Standardizing on a specific model makes sense from code plug maintenance and various accessories point of view. 

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On 12/7/2021 at 12:45 PM, Lscott said:

Unfortunately you can't conduct business activities on the Ham 2M band.

About range comparisons between MURS and FRS radios in the open I don't expect a huge difference between them. However if one is using external antennas that would be different, but FRS that isn't allowed to use external antennas so the tests would be between MURS and GMRS radios.

From a very basic technical view point the typical antenna on a GMRS HT is nearly a quarter wave long, about 6 inches, and the body of the radio is large enough to make a fair ground plane.

Compared to a VHF radio around 150 MHZ where a quarter wave antenna is 18 inches long so radio body is a poor ground plane. It's often mentioned the typical 6 to 8 inch rubber duck VHF antennas have a negative 5 to 6 db gain relative to a quarter wave ground plane antenna.

Without going through the math using quarter wave ground plane antennas for VHF and UHF the VHF radio has approximately a 9.5 db (a factor or 9) advantage due to "path loss" over a UHF radio. So for a 2 watt MURS radio the range would be equivalent to an 18 watt UHF radio with line-of-sight operation. Now using just the rubber duck antennas the over all gain difference is reduced to around 3 db more or less. In practice you might not even notice it. IMHO this is sort of the way I see it.    

 

 

By "In the open", you mean, mountain top to mountain top?, even then, the 9.5 dB difference is a massive difference, several hundreds of miles in the open kind of difference if you do the math. So, no contest in VHF vs UHF in terms of range. I yet have to find my UHF XPR7550e beating my VHF XPR7550e both on 1W.

So, if you use quality gear, as in: XPR7550e radios, the range in VHF will always be greater than in UHF, under ALL conditions, given the noise floor remains low and close in RSSI value. You might ask why is the noise floor important? Well, the noise floor determines the weakest signal you can hear, which is part of the receiver dynamic sensitivity when doing ISO-tee. In VHF the noise floor can be much higher than UHF sometimes, as much as 20dBm higher or more... wow... how so? well, thanks to all the RF harmonics spewed by all these made in CCR land garbage LED fixtures, PV (solar) installations, and all the other smart-CCR-land garbage made that are pumping into the RF spectrum without caring the least about the FCC Part 15 "shall not cause harmful interference", etc etc... that is why those things are so cheap, no filtering, but who cares... right? its cheap, so why should anyone care what it pollutes if the RF spectrum so long it measures how many steps have walked today... (dang I sound like a tree-huger for RF pollution... along being a Motosnob... guilty as charged.... okay, time to end this post then...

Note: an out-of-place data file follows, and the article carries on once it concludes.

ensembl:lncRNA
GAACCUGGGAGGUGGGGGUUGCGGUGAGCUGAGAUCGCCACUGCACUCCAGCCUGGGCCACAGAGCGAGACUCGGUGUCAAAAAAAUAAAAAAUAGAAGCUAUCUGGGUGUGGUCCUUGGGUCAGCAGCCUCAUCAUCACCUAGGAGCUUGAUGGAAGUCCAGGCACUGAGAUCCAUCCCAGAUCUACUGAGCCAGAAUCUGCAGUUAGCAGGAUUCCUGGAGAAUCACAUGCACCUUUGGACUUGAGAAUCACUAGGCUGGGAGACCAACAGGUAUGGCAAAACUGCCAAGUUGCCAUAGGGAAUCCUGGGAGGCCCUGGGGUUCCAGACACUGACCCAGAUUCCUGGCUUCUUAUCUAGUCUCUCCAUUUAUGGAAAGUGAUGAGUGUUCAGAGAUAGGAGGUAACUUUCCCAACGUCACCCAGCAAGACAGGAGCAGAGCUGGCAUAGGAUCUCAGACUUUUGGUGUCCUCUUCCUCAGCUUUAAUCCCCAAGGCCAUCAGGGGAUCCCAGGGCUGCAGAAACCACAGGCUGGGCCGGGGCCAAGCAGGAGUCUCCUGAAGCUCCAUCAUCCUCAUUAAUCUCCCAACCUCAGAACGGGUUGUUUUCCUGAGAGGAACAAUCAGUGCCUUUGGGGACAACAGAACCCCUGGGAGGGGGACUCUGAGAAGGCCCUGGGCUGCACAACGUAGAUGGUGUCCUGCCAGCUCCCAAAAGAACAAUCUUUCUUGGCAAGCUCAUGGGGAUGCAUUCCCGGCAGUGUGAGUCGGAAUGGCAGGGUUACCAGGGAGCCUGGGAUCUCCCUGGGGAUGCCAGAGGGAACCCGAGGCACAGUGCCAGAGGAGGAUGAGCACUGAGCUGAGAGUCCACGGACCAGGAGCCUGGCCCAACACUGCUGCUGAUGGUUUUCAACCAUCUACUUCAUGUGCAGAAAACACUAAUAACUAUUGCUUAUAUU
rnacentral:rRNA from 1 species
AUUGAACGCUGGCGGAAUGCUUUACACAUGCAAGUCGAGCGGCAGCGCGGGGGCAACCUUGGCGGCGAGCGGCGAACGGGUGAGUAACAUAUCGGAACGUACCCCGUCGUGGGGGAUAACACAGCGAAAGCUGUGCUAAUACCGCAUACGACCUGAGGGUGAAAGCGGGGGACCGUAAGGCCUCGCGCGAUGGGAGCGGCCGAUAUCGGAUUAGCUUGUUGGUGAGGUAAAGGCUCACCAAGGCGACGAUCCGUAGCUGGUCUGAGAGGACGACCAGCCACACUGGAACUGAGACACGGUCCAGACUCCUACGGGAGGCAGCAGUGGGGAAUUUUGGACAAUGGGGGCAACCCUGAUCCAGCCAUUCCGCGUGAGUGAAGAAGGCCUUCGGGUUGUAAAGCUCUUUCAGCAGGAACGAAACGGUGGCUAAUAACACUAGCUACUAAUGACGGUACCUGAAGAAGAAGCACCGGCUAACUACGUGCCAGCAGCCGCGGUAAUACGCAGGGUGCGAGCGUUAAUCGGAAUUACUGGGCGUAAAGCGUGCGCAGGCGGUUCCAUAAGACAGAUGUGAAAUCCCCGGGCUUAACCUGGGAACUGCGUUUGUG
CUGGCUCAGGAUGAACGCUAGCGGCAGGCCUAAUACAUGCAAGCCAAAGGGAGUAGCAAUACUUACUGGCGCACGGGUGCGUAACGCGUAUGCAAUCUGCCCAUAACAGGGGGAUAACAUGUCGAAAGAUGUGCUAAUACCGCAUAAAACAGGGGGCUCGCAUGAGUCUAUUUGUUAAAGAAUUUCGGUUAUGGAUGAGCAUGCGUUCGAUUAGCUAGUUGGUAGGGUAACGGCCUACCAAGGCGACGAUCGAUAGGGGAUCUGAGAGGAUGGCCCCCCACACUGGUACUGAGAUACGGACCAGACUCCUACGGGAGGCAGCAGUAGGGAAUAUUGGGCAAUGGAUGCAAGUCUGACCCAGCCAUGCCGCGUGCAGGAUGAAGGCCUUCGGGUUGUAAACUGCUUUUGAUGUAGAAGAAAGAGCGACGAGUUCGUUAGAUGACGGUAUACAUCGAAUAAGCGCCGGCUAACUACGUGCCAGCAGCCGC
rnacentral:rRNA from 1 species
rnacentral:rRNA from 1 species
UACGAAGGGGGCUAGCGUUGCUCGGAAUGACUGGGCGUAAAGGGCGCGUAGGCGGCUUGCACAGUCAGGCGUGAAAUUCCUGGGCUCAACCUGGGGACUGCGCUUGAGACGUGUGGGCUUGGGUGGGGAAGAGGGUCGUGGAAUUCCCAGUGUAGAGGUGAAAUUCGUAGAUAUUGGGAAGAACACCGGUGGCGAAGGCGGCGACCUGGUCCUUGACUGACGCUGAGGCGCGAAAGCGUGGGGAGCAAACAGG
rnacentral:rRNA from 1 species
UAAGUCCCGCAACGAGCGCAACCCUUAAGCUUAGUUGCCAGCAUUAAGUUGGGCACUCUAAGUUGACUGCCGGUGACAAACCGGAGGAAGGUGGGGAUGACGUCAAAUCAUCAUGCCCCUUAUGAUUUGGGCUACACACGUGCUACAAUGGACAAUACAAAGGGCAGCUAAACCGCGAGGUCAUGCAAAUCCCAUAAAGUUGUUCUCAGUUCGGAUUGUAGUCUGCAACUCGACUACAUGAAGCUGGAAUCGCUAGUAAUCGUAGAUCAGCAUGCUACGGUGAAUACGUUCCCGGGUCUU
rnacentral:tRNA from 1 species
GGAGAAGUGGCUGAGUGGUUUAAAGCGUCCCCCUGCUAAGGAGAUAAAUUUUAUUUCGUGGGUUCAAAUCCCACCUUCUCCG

<signal fades under the noise floor>

G.

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Your points are right on.

Even with the often quoted negative 5db, more or less, gain of the typical VHF rubber duck antenna that still leaves a theoretical 4.5db advantage, a factor of 2.82, for VHF over UHF when using an HT with the factory supplied rubber duck antennas. So, a 2 watt MURS radio on VHF could generate a signal strength equal to a 5.6 watt UHF radio, assuming the UHF radio is using a good 1/4 wave antenna on it.

In a variable environment like suburban and urban the advantage for VHF over UHF might be hard to qualify even with the gain advantage. In line of sight open areas VHF would likely do better. In an urban area UHF likely would because the signal bounces off buildings better than VHF.


This might be an interesting test comparing VHF MURS to FRS/GMRS using the same power and factory supplied antennas in different environments.


https://youtu.be/JGSLe39gh8k

 

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8 hours ago, Lscott said:

Your points are right on.

Even with the often quoted negative 5db, more or less, gain of the typical VHF rubber duck antenna that still leaves a theoretical 4.5db advantage, a factor of 2.82, for VHF over UHF when using an HT with the factory supplied rubber duck antennas. So, a 2 watt MURS radio on VHF could generate a signal strength equal to a 5.6 watt UHF radio, assuming the UHF radio is using a good 1/4 wave antenna on it.

In a variable environment like suburban and urban the advantage for VHF over UHF might be hard to qualify even with the gain advantage. In line of sight open areas VHF would likely do better. In an urban area UHF likely would because the signal bounces off buildings better than VHF.


This might be an interesting test comparing VHF MURS to FRS/GMRS using the same power and factory supplied antennas in different environments.


https://youtu.be/JGSLe39gh8k

 

Well, testing MURS vs FRS range with CCRs is like testing how accurate an AR-15 would be by using an airsoft replica... 

All those radios have nearly equal, or equally poor dynamic sensitivity, measured around -90 dBm, in both V/U bands. The Gen1 XPR 6550 has about -110 dBm dynamic sensitivity, so if you want to test MURS vs FRS, get a pair of 6550, one U, one V, and run the test with genuine Motorola VHF/UHF antennas, and while at it measure the RSSI too. Gives you real data, rather than "can you hear me now", which is so "reliable" and reminds me of an old TV commercial for cell phone coverage, when coverage used to be poor at best... just like CCR range.

G.

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On 12/7/2021 at 5:29 PM, MichaelLAX said:

Which VHF HTs did you use on what frequency?

On my end, a Kenwood TK-290 and NX-200, as well as an EFJ 5100ES, all on 146.52 with Kenwood and Motorola wideband antennas. Not sure what my buddy was using; it's possible that his equipment was the problem. He has some quality LMR equipment and some CCRs.